Houston Texans 2012 Season: Handling Expectations

HOUSTON, TX - JANUARY 07: Head coach Gary Kubiak of the Houston Texans pumps his fist as he walks off the field following the Texans' 31-10 victory over the Cincinnati Bengals during the AFC Wildcard Playoff game on January 7, 2012 at Reliant Stadium in Houston, Texas. (Photo by Jamie Squire/Getty Images)

Will they rise up or melt under the spotlight?

The Houston Texans are no longer an expansion franchise. That label, that expectation of failure is gone and has been replaced by expectations and goals much greater than they've ever had during their previous ten years as a franchise. These expectations are coming from everybody; the media, fans, and the players themselves who have publicly said that this season was "Super Bowl or bust". There's no doubt that this team has the talent of a Super Bowl contender, but I don't think the people using that phrase truly grasp what it means; "or bust" would mean that they'd blow it up after the season if they didn't reach the Super Bowl. This team doesn't just have the most talent in it's history, but a lot of that talent is young and will be together for the next five or more years, so there's no need to blow anything up after this season is they don't reach the Super Bowl.

The bigger picture for me is not how high the expectations should be for this season or what they should do next year, but how they handle the pressure of being a Super Bowl favorite. A handful of players on this roster have playoff experience beyond last season including Antonio Smith who went to the Super Bowl with the Arizona Cardinals in 2008, but most of the Texans players are entering unknown territory. Sure the Texans were the favorite to win the AFC South last season after the news of Peyton Manning's neck injury, but they were coming off a very disappointing 6-10 season and were the favorites to win their division more by default than anything else. They were thought of as a playoff team, but not a team that would make a deep playoff run and certainly not a team that would be in a one-score game in the 4th quarter of the divisional round at Baltimore with a third string, 5th round rookie quarterback. In a lot of ways, especially after the injury bug hit mid-season, the Texans were playing with house money even into the playoffs. The pressure wasn't on them, they were the team without their starting quarterback and star pass rusher, and they seemed to thrive in that role as the hunter. That won't be the case this season as they take on the role of the hunted, and the favorite in the conference instead of the long-shot. Some fans may want to dismiss this change in mindset, but there is a big difference between flying under the radar to being one of the teams everyone is chasing and getting every teams 'A' game each week. Everyone handles this type of pressure differently, some use it as motivation and it can drive them to new heights. On the flip side others can let the praise get to their head and cause them not to work as hard, or they can get a little tight trying to be too perfect to live up to the expectations. Not only are the expectations bigger, but so are the challenges this season with Tom Brady and Aaron Rodgers both on the schedule in addition to the return of Peyton Manning who owns a 16-2 career record against the Texans.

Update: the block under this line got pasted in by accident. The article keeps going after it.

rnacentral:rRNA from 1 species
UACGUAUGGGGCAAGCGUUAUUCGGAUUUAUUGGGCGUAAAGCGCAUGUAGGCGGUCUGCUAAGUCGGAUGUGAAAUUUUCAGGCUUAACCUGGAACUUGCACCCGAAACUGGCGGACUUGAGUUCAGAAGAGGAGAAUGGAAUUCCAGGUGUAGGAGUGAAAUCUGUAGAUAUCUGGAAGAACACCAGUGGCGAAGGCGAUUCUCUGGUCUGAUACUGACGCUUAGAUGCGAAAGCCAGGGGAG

The question now is, what will the Texans response be to the pressure? Will the pressure lift them up or will it crack their pipes? I think this team can handle the pressure because of a good mix of veterans and younger guys who are loose and can keep things light and upbeat over the 16 game NFL season. Guys like Andre Johnson, Johnathan Joseph, Danieal Manning, and Antonio Smith have been to playoff games, performed well in playoff games and know what it takes to be successful. On the other end young guys like J.J. Watt, Connor Barwin, and Arian Foster never seem to let anything get to them, are able to keep things in perspective, and will keep this team hungry, energetic, and motivated.

It's difficult to say with certain that the Texans will live up to the hype, because they haven't done so in the past. The Texans were expected to take the next step in 2005 coming off a 7-9 season, but fell flat on their face and finished 2-14 the following year. After winning their final four games, having their first winning season at 9-7, and missing the playoffs on a tie-breaker in 2009, they again fell off and finished with a 6-10 record the following season. However, I believe last season showed that this group of Texans players are different. They're able to thrive under adversity instead of folding. Will they win the Super Bowl, I'm not sure, but if they don't, it won't be because they melted under the spotlight.

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